The purpose of reaching out to school boards is to ensure youth-orientated civically-minded engagement is included in your school’s curriculum. No longer in school? No problem! You can also reach out to your alma mater and/or your university!
What is ‘civic-minded engagement’?
Youth.gov defines ‘youth-civic engagement’ as: “working to make a difference in the civic life of one’s community.” It involves “developing the combination of knowledge, skills, values, and motivation to make that difference.”
Tufts University’s Jonathan M. Tisch College of Civic Life has tackled the question of why civic-minded engagement is important and has summarized its answer into four areas of importance: for democracy, for community, for youth and for equity.
More pointedly, The Borgen Project’s mission would not be possible without civically-minded individuals taking it upon themselves to change the world for the better. By educating today’s youth on important issues and academically instilling the ideas of volunteerism, community building and how to be engaged civically, we can take one step closer toward downsizing global poverty.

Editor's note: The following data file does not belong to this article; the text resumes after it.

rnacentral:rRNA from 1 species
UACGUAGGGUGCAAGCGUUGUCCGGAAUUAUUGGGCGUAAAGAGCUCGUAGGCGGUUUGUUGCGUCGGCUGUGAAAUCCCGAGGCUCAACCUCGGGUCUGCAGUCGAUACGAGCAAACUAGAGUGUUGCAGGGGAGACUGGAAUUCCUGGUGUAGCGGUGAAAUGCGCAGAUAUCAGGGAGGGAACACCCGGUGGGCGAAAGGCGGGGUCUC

What to do
- Check this document to see if your school has been contacted in the past and/or if a decision by the school has been made. If not and if you decide to contact your school, add the necessary information to the spreadsheet. If your school district has been contacted more than 5 times within a 4 month period, please hold off on sending more outreach at this time.
- Research your school’s curriculum to determine whether or not a letter would be beneficial to the school (Start by searching your state’s curriculum in a search engine. Ex. Michigan curriculum). If the programs are already strong and include civic engagement, perhaps outreach isn’t necessary. If you notice your school has already been contacted, use the notes in the spreadsheet to further your outreach.
- Write and garner support for a letter to your school board, asking them to champion civically-minded engagement within their school’s curriculum. Support can come from fellow students, educators, parents, administrators and/or community members. The more support you gain, the louder your voice. Ask these supporters to sign onto the letter!